Open the doors, and let them in
The West Michigan Regional Policy Conference kicked off last week with no shortage of consternation in the business community about Gov. Jennifer Granholm’s decision to head to Japan for a trade mission instead of showing up for the first-time GR event.Talk of the governor's "snub" was only topped by early Thursday morning speculation that Republican Presidential nominee Sen. John McCain and his running mate, Sarah Palin, would make an appearance at the conference. The pair stayed overnight in Grand Rapids after a town hall meeting with party faithful Wednesday night.
Chamber President and CEO Jeanne Englehart said McCain's schedule was likely too tight to fit an appearance with the largely GOP contingent of attendees.
"This conference is about policy, not politics" she emphasized, adding compliments to those making presentations. "I am really very impressed with how much people put into these presentations. The depth of the programs is awesome."
Putting out fires
Enough with the Band-Aids already, it’s time for some major surgery.
That pretty much was the cry that came from local business people after they listened to three panelists and a moderator speak about the need for government change for roughly 90 minutes at the conference.
“What I’d like to talk about is a clear lack of leadership. What I’ve been hearing from the state is they don’t want me here. It’s frustrating to me,” said Sam Cummings, a developer and managing partner of CWD Real Estate Investments.
“What it may come to is that we may have to demand a ballot proposal that says we have a right to economic prosperity. Eliminating (Public Act) 312 (of 1969) may put out a small fire, but we’ve got a bonfire going,” he added.
Grubb & Ellis|Paramount Commerce CEO Bill Bowling also called for a transfusion at the state level — namely replacing the Michigan Business Tax with something else, and soon.
“If somebody doesn’t start something somewhere, we’ll be in the same position that we are in today five years from now — but worse,” he said.
No offense, but …
Municipal Financial Consultants President Louis Schimmel told the audience at the same session that what he had to say would probably offend everyone in the room. He likely didn’t accomplish that goal. But Schimmel might have sent a few shivers down the spines of city officials and developers when he said he thought that tax-increment financing authorities were bad.
His comment, though, may turn into a source of inspiration for Kent County officials, who might be inclined to bronze and post his words on a plaque to be hung in the lobby of the county building.
Schimmel’s reason for disliking TIFAs, like SmartZones, corridor improvement districts, and downtown development authorities, is that they divert tax revenue from a city’s general fund and leave fewer dollars to support basic services like police and fire.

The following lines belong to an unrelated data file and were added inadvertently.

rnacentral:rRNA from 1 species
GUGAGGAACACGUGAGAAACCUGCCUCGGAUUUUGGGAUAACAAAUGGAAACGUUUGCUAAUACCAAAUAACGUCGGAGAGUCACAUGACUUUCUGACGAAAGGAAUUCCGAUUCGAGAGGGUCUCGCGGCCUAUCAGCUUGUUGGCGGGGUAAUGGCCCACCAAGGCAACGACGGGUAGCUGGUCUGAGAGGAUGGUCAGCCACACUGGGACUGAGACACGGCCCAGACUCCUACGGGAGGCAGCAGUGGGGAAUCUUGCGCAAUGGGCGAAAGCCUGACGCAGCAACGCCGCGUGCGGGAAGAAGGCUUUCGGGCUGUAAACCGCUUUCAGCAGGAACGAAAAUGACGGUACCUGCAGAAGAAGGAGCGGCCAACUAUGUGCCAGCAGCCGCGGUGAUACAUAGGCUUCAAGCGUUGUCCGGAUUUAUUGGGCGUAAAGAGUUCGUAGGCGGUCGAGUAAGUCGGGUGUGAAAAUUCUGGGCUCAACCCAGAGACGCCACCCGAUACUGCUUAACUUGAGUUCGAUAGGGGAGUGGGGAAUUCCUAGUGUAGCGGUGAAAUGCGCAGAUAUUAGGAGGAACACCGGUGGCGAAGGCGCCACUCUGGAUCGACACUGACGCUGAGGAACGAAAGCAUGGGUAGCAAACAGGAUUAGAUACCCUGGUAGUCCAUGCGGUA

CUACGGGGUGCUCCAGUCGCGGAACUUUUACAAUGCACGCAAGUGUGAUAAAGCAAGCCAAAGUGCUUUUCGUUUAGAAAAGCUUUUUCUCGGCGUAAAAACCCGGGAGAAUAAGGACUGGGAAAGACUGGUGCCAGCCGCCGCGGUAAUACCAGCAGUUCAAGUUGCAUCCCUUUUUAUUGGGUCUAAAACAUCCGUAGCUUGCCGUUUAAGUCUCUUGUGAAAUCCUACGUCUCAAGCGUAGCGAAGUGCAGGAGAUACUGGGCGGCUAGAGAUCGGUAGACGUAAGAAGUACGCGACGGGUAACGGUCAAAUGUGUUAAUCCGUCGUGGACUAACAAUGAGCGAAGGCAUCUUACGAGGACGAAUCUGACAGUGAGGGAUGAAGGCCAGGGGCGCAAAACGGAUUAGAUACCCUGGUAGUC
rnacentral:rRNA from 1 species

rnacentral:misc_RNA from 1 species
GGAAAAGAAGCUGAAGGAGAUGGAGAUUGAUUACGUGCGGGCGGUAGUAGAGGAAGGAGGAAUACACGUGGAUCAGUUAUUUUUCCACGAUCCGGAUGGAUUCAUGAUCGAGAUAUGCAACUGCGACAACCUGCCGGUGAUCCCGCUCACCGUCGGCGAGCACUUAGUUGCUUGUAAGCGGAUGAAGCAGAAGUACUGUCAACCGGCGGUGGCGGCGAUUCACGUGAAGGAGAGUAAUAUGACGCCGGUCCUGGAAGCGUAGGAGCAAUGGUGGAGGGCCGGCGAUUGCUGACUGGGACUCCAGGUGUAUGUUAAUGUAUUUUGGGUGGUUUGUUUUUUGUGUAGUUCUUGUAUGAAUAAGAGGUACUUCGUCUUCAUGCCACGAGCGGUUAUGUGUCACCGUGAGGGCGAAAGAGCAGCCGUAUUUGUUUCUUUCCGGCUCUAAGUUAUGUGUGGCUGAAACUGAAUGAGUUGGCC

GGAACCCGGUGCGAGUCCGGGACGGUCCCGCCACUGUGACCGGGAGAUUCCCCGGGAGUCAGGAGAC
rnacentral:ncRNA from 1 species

“TIFAs have to be used very sparingly and can be a disaster to local communities,” said Schimmel, who was a panelist for the session and is affiliated with the Mackinaw Center for Public Policy in Midland.
Fighting with dull knives
Another panelist was Michael Shea, a partner in Government Strategies LLC, who is widely considered a leading expert on the merging of communities. He played a key role in the 2000 merger of the Louisville city and Jefferson County governments, and he shared a few insights on how he accomplished that, like making sure the business community was fully on board with the merger before going forward.
Shea, however, may have made his strongest point by noting what not to merge — school systems. “It’s a horrible fight with dull knives. Talking about merging schools is kryptonite. In a discussion of mergers, it’s the least likely,” he said.
Much of the discussion at the government session focused on lowering the cost of running a unit, like setting a benchmark for pay and fringe benefits and eliminating state laws that make consolidation of services too expensive for local governments.
Schimmel, though, reminded the audience that the public sector doesn’t have as many options as private companies. “Municipalities can’t go out of business and they can’t move to China for cheaper labor,” he said.
God’s tax rate
Robert Genetski, a "classical economics" economist from the conservative Heartland Institute in Chicago, won some fans at the conference. Dick Haworth, who was on a panel discussion after Genetski's speech about how to fix the Michigan economy, said Genetski "literally took my presentation."
Genetski got some chuckles of approval in his discourse on taxation, when he pointed out that according to the Old Testament, God's tax rate (actually, a tithe) was only 10 percent. Why don't politicians adhere to that, he wondered?
God knows …
Our Big Three
Getting back to Dick Haworth: He was on the panel with the other two of West Michigan’s “Big Three" office furniture makers, Jim Hackett of Steelcase and Brian Walker of Herman Miller. Haworth, who hasn't always been on cozy terms with Steelcase (remember the big patent battle of the 1990s?), said he was delighted in a "certain funny way" to be on the panel.
Show of scholarly hands
Thursday’s session at the policy conference on K-12 education, moderated by Compatico executive and former Republican Lt. Gov. Dick Posthumus, drew a strong contingent of GRPS representatives and politicians, including state Attorney General Mike Cox, Grand Valley State University’s Jean Nagelkirk and former GRPS Superintendent Bert Bleke.
At one point, panelist Frank Fuller of Florida State University — on his way to a joke — asked the audience: “Is anyone in education?” Lots of hands shot up. “Is anyone in business?” Plenty more hands. “Is anyone retired?” Bleke’s hand went up, a sheepish grin crossed his face and he laughed.